That headline above this blog post is one that I didn’t expect to write. New Brunswick singer-songwriter Julie Doiron has been writing and recording for quite a while now — she’s just released her eighth album, I Can Wonder What You With Your Day on Jagjaguwar — but I’ve never followed her all that closely. I’ve heard great things about her, but my impression of her was that she sings quiet, melancholy and sometimes somewhat precious indie folk rock. There is some of that sort of stuff on her new record, sing-songy, girly, campfire songs such as “The Life of Dreams” and “Glad to Be Alive.” But there are also several songs that are louder and more energetic.
That side of her music came out in full force Wednesday (June 3) at the Empty Bottle, thanks to Doiron’s engaging playing on the electric guitar, her passionate singing and the loose, Neil Young-esque vibe of her backing band. (Despite the fact that they played with a Neil Young vibe, I didn’t appreciate the guy in the crowd who kept on requesting her to do “Cortez the Killer.” Give it a rest, dude.) Doiron let things get quiet on a couple of tunes, but for the most part, it really was a rock show, and a quite good one at that. And she came off as a very nice and approachable person in her good-natured comments in between the songs.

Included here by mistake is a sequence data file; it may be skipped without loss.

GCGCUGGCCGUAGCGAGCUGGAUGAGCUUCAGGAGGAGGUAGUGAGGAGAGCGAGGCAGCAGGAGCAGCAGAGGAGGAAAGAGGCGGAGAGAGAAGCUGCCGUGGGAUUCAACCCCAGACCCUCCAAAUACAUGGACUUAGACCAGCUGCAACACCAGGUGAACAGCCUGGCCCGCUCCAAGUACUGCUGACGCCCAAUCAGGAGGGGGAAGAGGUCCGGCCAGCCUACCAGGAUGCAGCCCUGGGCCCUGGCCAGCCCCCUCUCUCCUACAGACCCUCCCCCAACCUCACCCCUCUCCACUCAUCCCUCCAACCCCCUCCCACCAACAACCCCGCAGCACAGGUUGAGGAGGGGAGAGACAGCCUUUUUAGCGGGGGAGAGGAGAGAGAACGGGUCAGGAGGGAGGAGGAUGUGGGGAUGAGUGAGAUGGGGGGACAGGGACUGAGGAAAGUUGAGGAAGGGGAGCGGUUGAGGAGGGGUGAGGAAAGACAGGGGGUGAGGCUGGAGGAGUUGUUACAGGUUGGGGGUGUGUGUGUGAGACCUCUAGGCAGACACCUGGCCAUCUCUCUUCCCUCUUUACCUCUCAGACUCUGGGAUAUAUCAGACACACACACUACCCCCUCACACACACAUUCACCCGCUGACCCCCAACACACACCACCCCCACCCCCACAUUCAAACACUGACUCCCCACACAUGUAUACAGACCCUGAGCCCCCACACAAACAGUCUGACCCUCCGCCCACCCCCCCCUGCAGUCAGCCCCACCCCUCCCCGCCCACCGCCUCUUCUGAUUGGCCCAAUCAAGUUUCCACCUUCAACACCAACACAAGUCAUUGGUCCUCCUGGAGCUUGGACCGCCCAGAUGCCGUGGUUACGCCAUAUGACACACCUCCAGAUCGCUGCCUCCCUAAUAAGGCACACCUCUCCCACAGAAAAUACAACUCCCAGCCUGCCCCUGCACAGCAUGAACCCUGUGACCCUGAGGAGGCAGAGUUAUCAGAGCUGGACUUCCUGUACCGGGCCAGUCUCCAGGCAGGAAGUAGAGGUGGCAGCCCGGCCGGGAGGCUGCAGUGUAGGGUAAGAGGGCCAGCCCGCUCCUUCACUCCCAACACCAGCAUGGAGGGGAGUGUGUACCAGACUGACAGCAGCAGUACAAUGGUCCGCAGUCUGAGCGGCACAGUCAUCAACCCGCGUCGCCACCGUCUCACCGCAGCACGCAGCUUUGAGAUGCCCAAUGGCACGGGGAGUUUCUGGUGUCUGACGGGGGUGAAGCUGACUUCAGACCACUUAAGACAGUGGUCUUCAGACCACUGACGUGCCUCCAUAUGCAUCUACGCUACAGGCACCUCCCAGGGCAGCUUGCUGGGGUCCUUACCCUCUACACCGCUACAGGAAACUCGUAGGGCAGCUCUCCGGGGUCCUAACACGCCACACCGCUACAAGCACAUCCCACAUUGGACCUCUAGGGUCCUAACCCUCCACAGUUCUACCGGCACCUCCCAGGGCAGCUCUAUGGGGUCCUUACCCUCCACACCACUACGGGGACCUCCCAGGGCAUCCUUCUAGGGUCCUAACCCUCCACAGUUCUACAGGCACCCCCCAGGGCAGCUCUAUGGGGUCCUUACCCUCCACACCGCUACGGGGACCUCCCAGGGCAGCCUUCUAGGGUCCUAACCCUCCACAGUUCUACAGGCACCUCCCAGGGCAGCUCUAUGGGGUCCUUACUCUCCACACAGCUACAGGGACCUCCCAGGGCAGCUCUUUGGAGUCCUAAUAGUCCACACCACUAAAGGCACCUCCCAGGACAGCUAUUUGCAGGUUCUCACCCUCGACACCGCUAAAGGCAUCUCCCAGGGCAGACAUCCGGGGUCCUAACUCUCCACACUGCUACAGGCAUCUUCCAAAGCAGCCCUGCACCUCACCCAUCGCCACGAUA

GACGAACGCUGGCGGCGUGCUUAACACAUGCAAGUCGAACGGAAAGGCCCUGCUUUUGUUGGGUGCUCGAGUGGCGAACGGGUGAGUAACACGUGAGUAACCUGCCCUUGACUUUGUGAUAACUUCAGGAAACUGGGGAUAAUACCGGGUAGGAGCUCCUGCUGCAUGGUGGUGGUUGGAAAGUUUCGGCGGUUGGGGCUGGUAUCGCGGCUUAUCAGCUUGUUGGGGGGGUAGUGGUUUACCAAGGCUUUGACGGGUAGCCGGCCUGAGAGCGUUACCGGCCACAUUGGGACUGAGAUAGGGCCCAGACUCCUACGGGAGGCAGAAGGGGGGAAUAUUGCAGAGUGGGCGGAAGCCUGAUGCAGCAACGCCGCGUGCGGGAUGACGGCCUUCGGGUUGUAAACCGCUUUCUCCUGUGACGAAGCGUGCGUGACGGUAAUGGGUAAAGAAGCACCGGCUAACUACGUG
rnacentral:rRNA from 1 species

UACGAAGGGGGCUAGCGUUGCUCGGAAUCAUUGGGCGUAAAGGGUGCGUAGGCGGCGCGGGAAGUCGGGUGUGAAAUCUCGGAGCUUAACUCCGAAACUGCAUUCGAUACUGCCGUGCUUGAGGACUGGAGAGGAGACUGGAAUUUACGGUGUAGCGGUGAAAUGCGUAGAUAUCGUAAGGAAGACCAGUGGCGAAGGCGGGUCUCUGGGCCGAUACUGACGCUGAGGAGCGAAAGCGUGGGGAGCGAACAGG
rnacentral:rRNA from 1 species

The first band of the night was a local outfit called A Lull, who put an quite impressive set of elegant and lovely rock songs accented by trumpet and occasionally pounded into the floor with drums, drums and more drums. There were four drummers in this group (if you include the guy playing trumpet plus drums), so this is one group you can definitely throw into the “Drum Circle” school of indie rock. There was an ethereal quality to the songs reminiscent of atmospheric bands like Efterklang and Grizzly Bear. And when the songs fell into a percussive groove, it sounded pretty darn cool. So far, A Lull has released just an EP, Ice Cream Bones, but I’m eager to hear more. Check them out at www.myspace.com/alullmusic
The middle band on the bill was the Night Owl Choir. In their softer moments, they reminded me a bit of the chilled-out alt-country band Acetone. The Night Owl Choir was pretty good, showing some promise, though perhaps they could stand to add a few more colors to their musical palette.